Part III, Blue–Thomas Frank

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Last Updated on January 27, 2020, by eNotes Editorial. Word Count: 911

Blue

Blue is the biological daughter of Jacquie Red Feather and was adopted by white people as an infant. Her husband Paul gave her the Cheyenne name Ota’tavo’ome, which translates as Blue Vapor of Life. Since she can’t pronounce the Cheyenne name, she simply goes by Blue.

Blue grew up...

(The entire section contains 911 words.)

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Blue

Blue is the biological daughter of Jacquie Red Feather and was adopted by white people as an infant. Her husband Paul gave her the Cheyenne name Ota’tavo’ome, which translates as Blue Vapor of Life. Since she can’t pronounce the Cheyenne name, she simply goes by Blue.

Blue grew up with money, a pool, and an overbearing mother. Her mother told her about her Cheyenne birth mother when she turned eighteen, and for years she didn’t really do anything with the information. Eventually she took a job at the Indian Center to feel like she belonged somewhere. She applied for a job as a youth services coordinator in Oklahoma, where her tribe was located, and much to her surprise, she got the job. Paul was her boss, and they moved in together within a month. Blue spent weekends with Paul and his father, praying for the whole world. When Paul’s father died, Paul began beating Blue. She applied for a job back in Oakland, and since they knew her, she was hired.

Tired of being abused, Blue has come up with a plan to leave Paul. She needs to get to the Greyhound station. Blue starts walking and is picked up by Geraldine, a coworker. Geraldine tells her that it’s dangerous to be walking alone; Blue notices Hector, Geraldine’s brother, passed out in the backseat from a combination of alcohol and drugs. Geraldine shares with Blue the tragedies that women find themselves stuck in, unable to leave abusive situations because of children, a lack of money, or the lack of another place to go.

Blue falls asleep and wakes up to a struggle. Hector was woken up and is reaching around Geraldine, trying to control the wheel. Blue starts hitting him in the head, but the car crashes into a parked truck in a lot. Dazed, Blue notices that she’s within sight of the Greyhound station when Paul starts calling her. He somehow knows where she is, and he is on the way to get her. Geraldine figures out that Hector must have filled Paul in and takes off to find her brother. She tells Blue to go hide in the restroom until it’s time for her bus to leave. Blue follows directions, crouching on a toilet as Paul begins calling and texting; he’s reached the Greyhound station. She takes a moment to use the restroom, and an older woman enters the restroom just before Paul’s voice calls out for her. The older woman tells Paul that he isn’t welcome in a ladies’ restroom, and Blue tells her that Paul is after her. The woman promises to wait in the restroom with her until it is time for her bus to leave and then walks with Blue, arm-in-arm, all the way to the bus.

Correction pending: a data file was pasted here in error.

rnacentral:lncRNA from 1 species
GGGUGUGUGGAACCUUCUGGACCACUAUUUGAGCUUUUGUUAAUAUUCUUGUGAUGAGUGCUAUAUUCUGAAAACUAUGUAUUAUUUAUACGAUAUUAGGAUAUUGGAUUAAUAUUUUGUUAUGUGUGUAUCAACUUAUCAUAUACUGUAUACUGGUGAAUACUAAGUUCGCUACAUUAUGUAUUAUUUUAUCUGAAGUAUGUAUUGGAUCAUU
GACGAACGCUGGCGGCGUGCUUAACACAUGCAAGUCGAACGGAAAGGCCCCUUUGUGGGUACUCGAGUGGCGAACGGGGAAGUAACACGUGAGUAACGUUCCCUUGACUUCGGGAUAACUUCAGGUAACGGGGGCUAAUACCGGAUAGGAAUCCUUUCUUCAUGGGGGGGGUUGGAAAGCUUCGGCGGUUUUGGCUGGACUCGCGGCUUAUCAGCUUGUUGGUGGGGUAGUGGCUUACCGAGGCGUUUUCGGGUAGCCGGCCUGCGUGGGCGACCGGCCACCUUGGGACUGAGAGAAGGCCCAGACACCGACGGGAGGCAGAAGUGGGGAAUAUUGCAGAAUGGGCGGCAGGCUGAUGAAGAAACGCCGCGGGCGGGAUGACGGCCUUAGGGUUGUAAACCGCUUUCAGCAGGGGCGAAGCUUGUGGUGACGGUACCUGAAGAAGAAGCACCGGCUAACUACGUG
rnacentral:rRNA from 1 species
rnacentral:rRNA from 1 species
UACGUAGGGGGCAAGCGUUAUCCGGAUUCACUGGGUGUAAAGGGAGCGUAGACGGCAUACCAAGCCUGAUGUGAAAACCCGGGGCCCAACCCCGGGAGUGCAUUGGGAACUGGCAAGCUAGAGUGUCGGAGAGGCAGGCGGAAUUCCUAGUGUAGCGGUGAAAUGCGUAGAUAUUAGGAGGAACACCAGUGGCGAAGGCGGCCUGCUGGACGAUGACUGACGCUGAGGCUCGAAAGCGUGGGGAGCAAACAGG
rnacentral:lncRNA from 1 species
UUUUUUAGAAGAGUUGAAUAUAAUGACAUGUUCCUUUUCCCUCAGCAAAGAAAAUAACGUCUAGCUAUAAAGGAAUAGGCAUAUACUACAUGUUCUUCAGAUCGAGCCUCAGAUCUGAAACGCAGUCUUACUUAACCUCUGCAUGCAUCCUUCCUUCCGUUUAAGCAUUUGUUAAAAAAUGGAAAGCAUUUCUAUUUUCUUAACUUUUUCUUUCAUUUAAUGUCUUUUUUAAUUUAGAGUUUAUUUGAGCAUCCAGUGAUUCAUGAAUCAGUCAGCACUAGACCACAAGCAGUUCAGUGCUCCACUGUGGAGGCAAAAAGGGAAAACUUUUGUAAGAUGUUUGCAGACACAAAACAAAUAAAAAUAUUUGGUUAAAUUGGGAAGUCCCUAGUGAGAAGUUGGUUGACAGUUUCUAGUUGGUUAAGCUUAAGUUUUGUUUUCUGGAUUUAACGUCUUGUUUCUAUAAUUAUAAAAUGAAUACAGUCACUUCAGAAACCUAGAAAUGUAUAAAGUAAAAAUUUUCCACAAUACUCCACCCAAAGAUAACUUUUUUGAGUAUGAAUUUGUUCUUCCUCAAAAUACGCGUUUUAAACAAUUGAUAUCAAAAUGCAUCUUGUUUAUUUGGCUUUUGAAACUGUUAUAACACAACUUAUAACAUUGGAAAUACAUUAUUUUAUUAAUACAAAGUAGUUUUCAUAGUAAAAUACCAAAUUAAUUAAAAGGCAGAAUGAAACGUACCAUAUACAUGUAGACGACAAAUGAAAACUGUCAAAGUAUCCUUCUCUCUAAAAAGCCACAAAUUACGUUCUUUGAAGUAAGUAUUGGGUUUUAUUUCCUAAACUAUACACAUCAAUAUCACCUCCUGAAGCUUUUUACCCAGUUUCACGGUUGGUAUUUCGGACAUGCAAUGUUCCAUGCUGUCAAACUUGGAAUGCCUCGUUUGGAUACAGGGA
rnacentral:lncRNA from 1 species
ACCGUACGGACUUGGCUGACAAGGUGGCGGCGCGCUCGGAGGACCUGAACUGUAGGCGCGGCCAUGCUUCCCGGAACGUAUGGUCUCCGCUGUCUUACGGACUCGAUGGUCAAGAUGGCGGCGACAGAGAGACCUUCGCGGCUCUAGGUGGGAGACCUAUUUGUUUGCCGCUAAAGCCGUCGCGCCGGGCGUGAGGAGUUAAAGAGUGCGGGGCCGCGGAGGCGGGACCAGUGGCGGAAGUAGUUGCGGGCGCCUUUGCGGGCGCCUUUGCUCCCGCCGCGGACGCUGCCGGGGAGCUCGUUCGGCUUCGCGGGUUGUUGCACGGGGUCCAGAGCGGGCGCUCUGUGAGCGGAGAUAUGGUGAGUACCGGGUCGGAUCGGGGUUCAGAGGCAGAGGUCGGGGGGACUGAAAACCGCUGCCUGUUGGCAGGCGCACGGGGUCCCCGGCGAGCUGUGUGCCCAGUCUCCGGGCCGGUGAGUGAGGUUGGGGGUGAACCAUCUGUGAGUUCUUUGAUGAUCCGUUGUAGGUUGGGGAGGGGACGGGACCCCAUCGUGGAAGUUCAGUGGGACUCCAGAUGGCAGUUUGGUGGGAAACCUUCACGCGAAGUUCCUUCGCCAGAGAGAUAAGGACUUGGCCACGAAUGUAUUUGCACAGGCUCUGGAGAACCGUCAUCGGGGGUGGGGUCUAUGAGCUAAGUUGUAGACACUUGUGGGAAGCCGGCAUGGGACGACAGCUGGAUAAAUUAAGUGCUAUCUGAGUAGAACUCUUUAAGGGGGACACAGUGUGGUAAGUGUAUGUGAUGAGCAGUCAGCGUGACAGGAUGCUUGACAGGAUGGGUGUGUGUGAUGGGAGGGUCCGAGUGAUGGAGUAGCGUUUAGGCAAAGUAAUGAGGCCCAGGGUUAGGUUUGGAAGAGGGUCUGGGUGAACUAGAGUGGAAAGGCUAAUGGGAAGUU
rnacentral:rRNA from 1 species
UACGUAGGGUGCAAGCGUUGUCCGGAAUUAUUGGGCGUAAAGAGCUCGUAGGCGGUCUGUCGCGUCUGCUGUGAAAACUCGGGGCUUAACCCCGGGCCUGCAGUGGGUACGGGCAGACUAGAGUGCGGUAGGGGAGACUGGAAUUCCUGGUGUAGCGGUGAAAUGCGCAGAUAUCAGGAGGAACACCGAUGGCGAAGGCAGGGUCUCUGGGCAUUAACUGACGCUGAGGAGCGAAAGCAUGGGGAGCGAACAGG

Thomas Frank

Written in second person, this chapter focuses on Thomas Frank. He was born with rhythm, tapping out beats everywhere as a young child. He’s been invited to drum at the Big Oakland Powwow with his drum group, Southern Moon, which meets for practices every Tuesday night. Thomas walks with a limp, just like his father, and he thinks that maybe this is his way of swaying just to the right of opposition. His father is “one thousand percent Indian”; he learned English as a second language, grew up on a reservation, and is both a recovering alcoholic and a medicine man. He grew up picking cotton for ten cents a day, and his own great-grandmother once split a tornado in two with a prayer. The one story his father told most when Thomas was growing up was that of the Sand Creek Massacre of 1864. Thomas’s mother is white, and he thus feels that he is “from a people who took . . . and from a people taken.” He is “both and neither.”

Thomas suffers from skin problems that the doctors label as eczema and want to treat with steroid creams; Thomas finds that he can treat the issue more to his liking with alcohol. If he drinks enough, he doesn’t scratch through the night and wind up with blood covering his sheets.

One night, Thomas drinks a fifth of Jim Beam and then heads in to his janitorial job the next morning, thinking he is fine. He eats breakfast enchiladas, and his boss calls him in to ask him to get rid of a bat that has perched near the conference room. Even though he approaches the bat slowly, it flies into the conference room when Thomas gets close. The bat then circles him before landing on his neck and digging either its claws or teeth into the back of his neck. Thomas grabs the bat and crushes it with his hands. The group looks at him with disgust.

Thomas ends up back in his boss’s office. Between crushing the bat and reeking of alcohol, he is fired. On the train, he thinks of the family he never sees anymore, including DeLonna, his older sister who smoked too much PCP when she was younger and ended up on the floor, foaming at the mouth, as his mother called for an emergency prayer circle.

Thomas gets off the train at Coliseum Station and finds Bobby Big Medicine. Thomas grabs his drumstick and waits with the stick poised to play “Grand Entry Song.” Finally Bobby raises his stick. The dancers are coming. It is time.

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